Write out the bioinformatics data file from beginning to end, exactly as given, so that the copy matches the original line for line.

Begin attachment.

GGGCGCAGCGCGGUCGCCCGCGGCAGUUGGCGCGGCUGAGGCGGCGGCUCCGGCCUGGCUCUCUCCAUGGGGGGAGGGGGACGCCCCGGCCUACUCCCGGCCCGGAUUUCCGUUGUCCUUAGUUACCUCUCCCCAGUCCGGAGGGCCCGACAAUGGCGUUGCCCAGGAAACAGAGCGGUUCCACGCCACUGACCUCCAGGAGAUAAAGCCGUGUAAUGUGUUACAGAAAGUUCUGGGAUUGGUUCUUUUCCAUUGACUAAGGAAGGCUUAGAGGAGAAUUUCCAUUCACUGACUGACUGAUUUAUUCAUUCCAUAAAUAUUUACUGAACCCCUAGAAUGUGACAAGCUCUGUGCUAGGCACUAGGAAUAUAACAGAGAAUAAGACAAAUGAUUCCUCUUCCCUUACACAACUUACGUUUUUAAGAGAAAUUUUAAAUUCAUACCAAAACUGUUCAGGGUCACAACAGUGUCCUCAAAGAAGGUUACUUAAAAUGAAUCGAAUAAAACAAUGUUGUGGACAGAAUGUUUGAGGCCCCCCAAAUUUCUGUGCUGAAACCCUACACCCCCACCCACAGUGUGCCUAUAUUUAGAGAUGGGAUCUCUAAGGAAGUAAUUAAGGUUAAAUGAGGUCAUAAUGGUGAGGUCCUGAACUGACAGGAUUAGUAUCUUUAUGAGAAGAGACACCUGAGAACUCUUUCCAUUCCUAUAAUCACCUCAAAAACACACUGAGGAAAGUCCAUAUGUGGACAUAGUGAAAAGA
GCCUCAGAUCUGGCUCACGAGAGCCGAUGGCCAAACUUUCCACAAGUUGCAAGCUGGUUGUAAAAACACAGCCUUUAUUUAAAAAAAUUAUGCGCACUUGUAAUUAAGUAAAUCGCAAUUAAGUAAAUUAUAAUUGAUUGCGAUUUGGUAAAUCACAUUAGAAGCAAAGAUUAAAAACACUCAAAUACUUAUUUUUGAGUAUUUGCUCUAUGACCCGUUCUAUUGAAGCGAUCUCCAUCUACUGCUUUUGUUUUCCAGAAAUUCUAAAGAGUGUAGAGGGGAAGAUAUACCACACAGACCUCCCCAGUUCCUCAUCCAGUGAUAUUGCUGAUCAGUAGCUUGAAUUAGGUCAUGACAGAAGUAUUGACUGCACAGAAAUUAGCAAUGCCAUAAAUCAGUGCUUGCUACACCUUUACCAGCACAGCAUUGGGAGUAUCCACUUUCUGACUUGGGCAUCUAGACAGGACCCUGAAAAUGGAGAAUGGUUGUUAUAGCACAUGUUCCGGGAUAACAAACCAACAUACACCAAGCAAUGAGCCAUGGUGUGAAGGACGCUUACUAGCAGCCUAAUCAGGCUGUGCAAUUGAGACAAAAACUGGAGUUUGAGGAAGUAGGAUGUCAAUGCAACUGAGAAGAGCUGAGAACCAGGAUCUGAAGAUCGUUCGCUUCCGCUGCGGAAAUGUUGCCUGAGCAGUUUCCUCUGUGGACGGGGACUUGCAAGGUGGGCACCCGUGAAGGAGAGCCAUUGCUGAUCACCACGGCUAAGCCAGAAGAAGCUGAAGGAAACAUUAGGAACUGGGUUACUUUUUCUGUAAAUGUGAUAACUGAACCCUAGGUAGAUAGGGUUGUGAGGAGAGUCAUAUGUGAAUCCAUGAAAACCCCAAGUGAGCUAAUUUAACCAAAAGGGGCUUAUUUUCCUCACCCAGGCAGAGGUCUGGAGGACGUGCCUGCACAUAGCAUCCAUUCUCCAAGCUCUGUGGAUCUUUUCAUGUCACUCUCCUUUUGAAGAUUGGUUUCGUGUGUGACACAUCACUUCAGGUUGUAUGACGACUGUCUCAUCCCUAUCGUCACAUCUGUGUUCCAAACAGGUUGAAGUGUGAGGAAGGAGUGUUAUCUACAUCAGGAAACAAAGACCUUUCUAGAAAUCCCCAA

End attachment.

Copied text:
GGGCGCAGCGCGGUCGCCCGCGGCAGUUGGCGCGGCUGAGGCGGCGGCUCCGGCCUGGCUCUCUCCAUGGGGGGAGGGGGACGCCCCGGCCUACUCCCGGCCCGGAUUUCCGUUGUCCUUAGUUACCUCUCCCCAGUCCGGAGGGCCCGACAAUGGCGUUGCCCAGGAAACAGAGCGGUUCCACGCCACUGACCUCCAGGAGAUAAAGCCGUGUAAUGUGUUACAGAAAGUUCUGGGAUUGGUUCUUUUCCAUUGACUAAGGAAGGCUUAGAGGAGAAUUUCCAUUCACUGACUGACUGAUUUAUUCAUUCCAUAAAUAUUUACUGAACCCCUAGAAUGUGACAAGCUCUGUGCUAGGCACUAGGAAUAUAACAGAGAAUAAGACAAAUGAUUCCUCUUCCCUUACACAACUUACGUUUUUAAGAGAAAUUUUAAAUUCAUACCAAAACUGUUCAGGGUCACAACAGUGUCCUCAAAGAAGGUUACUUAAAAUGAAUCGAAUAAAACAAUGUUGUGGACAGAAUGUUUGAGGCCCCCCAAAUUUCUGUGCUGAAACCCUACACCCCCACCCACAGUGUGCCUAUAUUUAGAGAUGGGAUCUCUAAGGAAGUAAUUAAGGUUAAAUGAGGUCAUAAUGGUGAGGUCCUGAACUGACAGGAUUAGUAUCUUUAUGAGAAGAGACACCUGAGAACUCUUUCCAUUCCUAUAAUCACCUCAAAAACACACUGAGGAAAGUCCAUAUGUGGACAUAGUGAAAAGA
GCCUCAGAUCUGGCUCACGAGAGCCGAUGGCCAAACUUUCCACAAGUUGCAAGCUGGUUGUAAAAACACAGCCUUUAUUUAAAAAAAUUAUGCGCACUUGUAAUUAAGUAAAUCGCAAUUAAGUAAAUUAUAAUUGAUUGCGAUUUGGUAAAUCACAUUAGAAGCAAAGAUUAAAAACACUCAAAUACUUAUUUUUGAGUAUUUGCUCUAUGACCCGUUCUAUUGAAGCGAUCUCCAUCUACUGCUUUUGUUUUCCAGAAAUUCUAAAGAGUGUAGAGGGGAAGAUAUACCACACAGACCUCCCCAGUUCCUCAUCCAGUGAUAUUGCUGAUCAGUAGCUUGAAUUAGGUCAUGACAGAAGUAUUGACUGCACAGAAAUUAGCAAUGCCAUAAAUCAGUGCUUGCUACACCUUUACCAGCACAGCAUUGGGAGUAUCCACUUUCUGACUUGGGCAUCUAGACAGGACCCUGAAAAUGGAGAAUGGUUGUUAUAGCACAUGUUCCGGGAUAACAAACCAACAUACACCAAGCAAUGAGCCAUGGUGUGAAGGACGCUUACUAGCAGCCUAAUCAGGCUGUGCAAUUGAGACAAAAACUGGAGUUUGAGGAAGUAGGAUGUCAAUGCAACUGAGAAGAGCUGAGAACCAGGAUCUGAAGAUCGUUCGCUUCCGCUGCGGAAAUGUUGCCUGAGCAGUUUCCUCUGUGGACGGGGACUUGCAAGGUGGGCACCCGUGAAGGAGAGCCAUUGCUGAUCACCACGGCUAAGCCAGAAGAAGCUGAAGGAAACAUUAGGAACUGGGUUACUUUUUCUGUAAAUGUGAUAACUGAACCCUAGGUAGAUAGGGUUGUGAGGAGAGUCAUAUGUGAAUCCAUGAAAACCCCAAGUGAGCUAAUUUAACCAAAAGGGGCUUAUUUUCCUCACCCAGGCAGAGGUCUGGAGGACGUGCCUGCACAUAGCAUCCAUUCUCCAAGCUCUGUGGAUCUUUUCAUGUCACUCUCCUUUUGAAGAUUGGUUUCGUGUGUGACACAUCACUUCAGGUUGUAUGACGACUGUCUCAUCCCUAUCGUCACAUCUGUGUUCCAAACAGGUUGAAGUGUGAGGAAGGAGUGUUAUCUACAUCAGGAAACAAAGACCUUUCUAGAAAUCCCCAA